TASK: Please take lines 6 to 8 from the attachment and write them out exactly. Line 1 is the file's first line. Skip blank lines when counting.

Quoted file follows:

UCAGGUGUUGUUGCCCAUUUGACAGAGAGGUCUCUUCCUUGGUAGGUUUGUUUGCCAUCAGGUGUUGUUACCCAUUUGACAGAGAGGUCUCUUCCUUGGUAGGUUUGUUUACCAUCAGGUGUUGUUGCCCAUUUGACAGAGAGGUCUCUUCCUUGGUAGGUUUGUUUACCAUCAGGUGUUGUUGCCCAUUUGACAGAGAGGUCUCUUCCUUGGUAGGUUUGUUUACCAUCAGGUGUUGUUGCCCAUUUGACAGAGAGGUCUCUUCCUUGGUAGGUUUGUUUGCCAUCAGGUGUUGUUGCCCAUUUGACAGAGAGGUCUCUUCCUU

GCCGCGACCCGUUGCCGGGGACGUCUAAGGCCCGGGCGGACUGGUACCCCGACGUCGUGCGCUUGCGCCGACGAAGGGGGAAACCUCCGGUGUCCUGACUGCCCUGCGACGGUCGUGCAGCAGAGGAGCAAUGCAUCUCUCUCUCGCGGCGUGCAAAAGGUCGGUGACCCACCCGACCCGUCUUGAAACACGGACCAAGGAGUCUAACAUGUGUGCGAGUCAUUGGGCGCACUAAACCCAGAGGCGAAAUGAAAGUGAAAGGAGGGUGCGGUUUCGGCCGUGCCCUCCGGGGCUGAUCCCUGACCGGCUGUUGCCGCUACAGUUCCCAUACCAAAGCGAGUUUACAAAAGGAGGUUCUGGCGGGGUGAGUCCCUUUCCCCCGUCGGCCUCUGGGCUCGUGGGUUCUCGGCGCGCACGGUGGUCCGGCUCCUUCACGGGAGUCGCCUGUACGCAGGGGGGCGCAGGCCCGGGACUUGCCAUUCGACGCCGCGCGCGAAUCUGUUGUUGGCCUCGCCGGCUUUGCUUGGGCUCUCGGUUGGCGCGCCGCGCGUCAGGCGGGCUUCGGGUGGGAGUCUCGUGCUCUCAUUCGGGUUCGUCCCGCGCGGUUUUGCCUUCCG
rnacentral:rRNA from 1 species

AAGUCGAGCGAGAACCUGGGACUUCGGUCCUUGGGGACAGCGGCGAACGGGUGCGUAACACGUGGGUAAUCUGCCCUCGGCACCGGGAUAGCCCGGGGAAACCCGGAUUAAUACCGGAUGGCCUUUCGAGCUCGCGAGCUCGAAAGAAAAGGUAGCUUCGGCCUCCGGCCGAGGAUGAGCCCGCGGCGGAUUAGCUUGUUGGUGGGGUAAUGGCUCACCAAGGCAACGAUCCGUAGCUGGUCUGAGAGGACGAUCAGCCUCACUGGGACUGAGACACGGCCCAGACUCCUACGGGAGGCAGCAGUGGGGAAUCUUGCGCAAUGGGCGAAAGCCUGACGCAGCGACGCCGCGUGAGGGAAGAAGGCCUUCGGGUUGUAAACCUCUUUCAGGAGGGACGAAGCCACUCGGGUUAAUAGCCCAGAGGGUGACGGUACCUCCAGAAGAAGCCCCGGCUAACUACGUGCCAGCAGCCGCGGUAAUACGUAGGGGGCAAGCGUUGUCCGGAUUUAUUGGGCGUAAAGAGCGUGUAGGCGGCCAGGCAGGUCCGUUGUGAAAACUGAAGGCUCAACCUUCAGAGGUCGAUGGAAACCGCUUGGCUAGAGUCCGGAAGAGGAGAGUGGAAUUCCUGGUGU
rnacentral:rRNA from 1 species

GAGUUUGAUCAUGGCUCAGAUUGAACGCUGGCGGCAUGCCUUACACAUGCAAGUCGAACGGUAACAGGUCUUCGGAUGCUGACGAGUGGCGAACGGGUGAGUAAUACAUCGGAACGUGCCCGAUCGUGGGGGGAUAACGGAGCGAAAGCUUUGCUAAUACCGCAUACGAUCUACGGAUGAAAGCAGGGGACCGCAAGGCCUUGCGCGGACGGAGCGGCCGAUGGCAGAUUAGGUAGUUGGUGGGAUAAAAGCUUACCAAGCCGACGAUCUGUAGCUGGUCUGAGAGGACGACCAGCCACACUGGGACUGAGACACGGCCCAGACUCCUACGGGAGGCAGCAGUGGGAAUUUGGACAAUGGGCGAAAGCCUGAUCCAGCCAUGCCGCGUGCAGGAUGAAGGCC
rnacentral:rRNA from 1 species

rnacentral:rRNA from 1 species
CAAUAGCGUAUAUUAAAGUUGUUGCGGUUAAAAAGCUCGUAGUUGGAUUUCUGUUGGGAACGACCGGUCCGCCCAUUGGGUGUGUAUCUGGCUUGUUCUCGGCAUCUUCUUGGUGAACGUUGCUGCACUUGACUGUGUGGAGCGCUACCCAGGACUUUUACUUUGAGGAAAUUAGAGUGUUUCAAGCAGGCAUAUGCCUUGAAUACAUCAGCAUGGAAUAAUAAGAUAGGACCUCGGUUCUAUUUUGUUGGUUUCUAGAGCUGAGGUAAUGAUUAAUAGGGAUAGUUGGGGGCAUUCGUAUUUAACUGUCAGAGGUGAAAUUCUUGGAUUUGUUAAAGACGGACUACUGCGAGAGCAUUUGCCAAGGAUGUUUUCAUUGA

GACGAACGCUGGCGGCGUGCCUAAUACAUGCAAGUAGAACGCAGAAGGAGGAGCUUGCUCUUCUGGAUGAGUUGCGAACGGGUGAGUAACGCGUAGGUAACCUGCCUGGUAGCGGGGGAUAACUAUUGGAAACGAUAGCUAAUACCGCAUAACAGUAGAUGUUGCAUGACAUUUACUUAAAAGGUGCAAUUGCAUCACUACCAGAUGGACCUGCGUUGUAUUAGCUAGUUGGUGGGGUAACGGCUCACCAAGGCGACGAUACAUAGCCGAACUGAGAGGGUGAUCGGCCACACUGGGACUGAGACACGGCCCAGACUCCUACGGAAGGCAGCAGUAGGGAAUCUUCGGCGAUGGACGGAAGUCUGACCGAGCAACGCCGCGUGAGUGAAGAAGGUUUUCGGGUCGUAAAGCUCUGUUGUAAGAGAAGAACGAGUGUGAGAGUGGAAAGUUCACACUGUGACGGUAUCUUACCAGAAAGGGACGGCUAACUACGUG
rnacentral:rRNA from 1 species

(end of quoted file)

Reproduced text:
GAGUUUGAUCAUGGCUCAGAUUGAACGCUGGCGGCAUGCCUUACACAUGCAAGUCGAACGGUAACAGGUCUUCGGAUGCUGACGAGUGGCGAACGGGUGAGUAAUACAUCGGAACGUGCCCGAUCGUGGGGGGAUAACGGAGCGAAAGCUUUGCUAAUACCGCAUACGAUCUACGGAUGAAAGCAGGGGACCGCAAGGCCUUGCGCGGACGGAGCGGCCGAUGGCAGAUUAGGUAGUUGGUGGGAUAAAAGCUUACCAAGCCGACGAUCUGUAGCUGGUCUGAGAGGACGACCAGCCACACUGGGACUGAGACACGGCCCAGACUCCUACGGGAGGCAGCAGUGGGAAUUUGGACAAUGGGCGAAAGCCUGAUCCAGCCAUGCCGCGUGCAGGAUGAAGGCC
rnacentral:rRNA from 1 species

rnacentral:rRNA from 1 species